A little background - I have a Lenovo G50 which was running Windows 8.1 up until a few months back. Then came along the free upgrade to Windows 10. Microsoft updated the laptop OS to Windows 10, and all was fine in the first run.

But, as soon as I shut the laptop down, and powered it back up the next time, it just would not connect to the same Wi-Fi hotspot. This situation continues until today. Every time it's the same message - "Can't connect to this network".

The only way I got around this until now, was to manually reboot the Wi-Fi router, and as soon as the router would come back up, Windows 10 would instantly get connected. I have no idea how/why this worked, but while it did work fine up until sometime back, I can't keep doing this anymore. I share my apartment with a few other guys, and having to disrupt their Internet connectivity every single time I turn on my laptop - is not just a minor convenience anymore (not that they haven't voiced their concerns over this, anyway).

I looked at this No Internet connection after upgrade to Windows 10 question, and tried to check my "advanced adapter options", but it all seemed correct (attaching pictures below).

Getting Connected - step 1

The error message - step 2

Adapter settings - step 3

All other devices [MacBook Air, MacBook Pro, iPhones, iPads, Windows 8.1 (running on a Dell and an HP)] connected to the same Wi-Fi hotspot in this apartment, work just fine.

  • What security is the router using? Have you updated your network adapter drivers? Can you connect to wireless using other devices? Are you using a static IP? We're going to need more info. – Bilfred Nov 22 '15 at 7:21
  • I'm sorry about that! I've added info about other devices, if you could tell me where to look for the rest of the info you asked for - it'll be much faster. – Manish Giri Nov 22 '15 at 7:28
  • I have a similar issue. Pls see superuser.com/questions/1023244/… – kp91 Jan 18 '16 at 14:39
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    You can look at some of the logs for wifi by running: logman update wifisession -ets && netsh trace convert \windows\system32\logfiles\wmi\wifi.etl – Nick Banks Apr 20 '16 at 20:37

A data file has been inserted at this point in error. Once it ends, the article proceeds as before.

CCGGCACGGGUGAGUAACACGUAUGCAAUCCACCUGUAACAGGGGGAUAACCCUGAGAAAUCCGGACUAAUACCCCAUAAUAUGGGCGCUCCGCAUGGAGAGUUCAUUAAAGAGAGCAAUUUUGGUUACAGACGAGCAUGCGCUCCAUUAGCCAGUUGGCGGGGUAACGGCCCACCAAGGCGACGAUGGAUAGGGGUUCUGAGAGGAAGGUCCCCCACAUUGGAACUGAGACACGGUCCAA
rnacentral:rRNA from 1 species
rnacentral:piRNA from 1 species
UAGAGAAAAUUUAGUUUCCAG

• I've also issue with wifi, Only one of AP is not connect on windows 10, How could you solved it? – Nullpointer Jul 27 '16 at 8:43

13 Answers 13


I had the below Windows 10 Wi-Fi issue: “Can't connect to this network” while every other wireless devices worked, this newly upgraded Windows 10 did not.

The below helped: In Device Manager, right click on DeviceProperties → *Advanced and I disabled 802.11n mode. It may slower on actual wireless N networks, but it resolved the problem for the time being.

Enter image description here

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  • I've same issue, Only one of wifi is not able to connect on w10, How can you solved it? – Nullpointer Jul 27 '16 at 8:46
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    This solved it for me. Why does this make connecting to certain wireless networks work? (specifically a PEAP authenticated WPA2 Network for me). I didn't have this problem Windows 7. – Bryce Guinta Nov 17 '16 at 23:41
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    This worked for me too +1 - but it’s a workaround – user115383 Jan 25 '19 at 8:20
  • What is an "N network"? – Peter Mortensen May 29 at 15:06
  • I don't have this option and I switched to a mode only. And now it seems to work... – JellyFilledNuts Aug 10 at 19:54

Even after a reboot, I found "can't connect to this network" error.

To resolve: open Device Manager (devmgmt.msc), locate the wireless network adapter, disable and then re-enable. Wireless connected back up immediately after doing so.

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  • Same here, tried every suggestion from every answer and this worked. Additionally tried connecting to a different network that didn't work so it was an adapter problem, not a network issue. – Vladimir Bozic Aug 8 '17 at 21:05

Log into your router and change the network name. I have fixed this issue on multiple laptops by doing this. It seems to simple, and like this it should have no bearing on connectivity, but it does.

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  • This was the only thing that worked for me. I had two Windows 10 machines do this inexplicably on the same day. No windows update in history (though it was on a patch Tuesday). I tried restarting router & PC, disabling/enabling the WiFi device, re-installing drivers, forgetting network, etc. All other devices worked fine. The only thing that worked was changing the damned SSID. :/ – Nick Oct 11 '17 at 19:15
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    any idea why this works? It worked once for me, but not anymore. Other than the simple "forget network" command which only seems to forget the password, is there another way to delete all details of a network from Windows 10? – LShaver Jul 1 '18 at 3:20